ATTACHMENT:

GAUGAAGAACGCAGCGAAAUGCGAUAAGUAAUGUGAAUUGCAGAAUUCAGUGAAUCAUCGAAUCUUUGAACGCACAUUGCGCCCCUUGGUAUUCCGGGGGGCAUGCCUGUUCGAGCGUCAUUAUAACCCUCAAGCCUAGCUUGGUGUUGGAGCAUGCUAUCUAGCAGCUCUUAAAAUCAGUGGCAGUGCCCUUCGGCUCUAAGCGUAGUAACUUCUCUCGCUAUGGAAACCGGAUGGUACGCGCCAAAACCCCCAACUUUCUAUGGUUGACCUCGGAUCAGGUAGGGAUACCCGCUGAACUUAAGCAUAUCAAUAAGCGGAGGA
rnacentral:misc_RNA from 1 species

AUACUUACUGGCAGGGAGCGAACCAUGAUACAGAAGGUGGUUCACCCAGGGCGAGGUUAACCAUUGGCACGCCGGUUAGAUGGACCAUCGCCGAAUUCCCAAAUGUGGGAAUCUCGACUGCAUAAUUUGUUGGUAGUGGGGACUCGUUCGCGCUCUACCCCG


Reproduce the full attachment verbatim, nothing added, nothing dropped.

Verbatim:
GAUGAAGAACGCAGCGAAAUGCGAUAAGUAAUGUGAAUUGCAGAAUUCAGUGAAUCAUCGAAUCUUUGAACGCACAUUGCGCCCCUUGGUAUUCCGGGGGGCAUGCCUGUUCGAGCGUCAUUAUAACCCUCAAGCCUAGCUUGGUGUUGGAGCAUGCUAUCUAGCAGCUCUUAAAAUCAGUGGCAGUGCCCUUCGGCUCUAAGCGUAGUAACUUCUCUCGCUAUGGAAACCGGAUGGUACGCGCCAAAACCCCCAACUUUCUAUGGUUGACCUCGGAUCAGGUAGGGAUACCCGCUGAACUUAAGCAUAUCAAUAAGCGGAGGA
rnacentral:misc_RNA from 1 species

AUACUUACUGGCAGGGAGCGAACCAUGAUACAGAAGGUGGUUCACCCAGGGCGAGGUUAACCAUUGGCACGCCGGUUAGAUGGACCAUCGCCGAAUUCCCAAAUGUGGGAAUCUCGACUGCAUAAUUUGUUGGUAGUGGGGACUCGUUCGCGCUCUACCCCG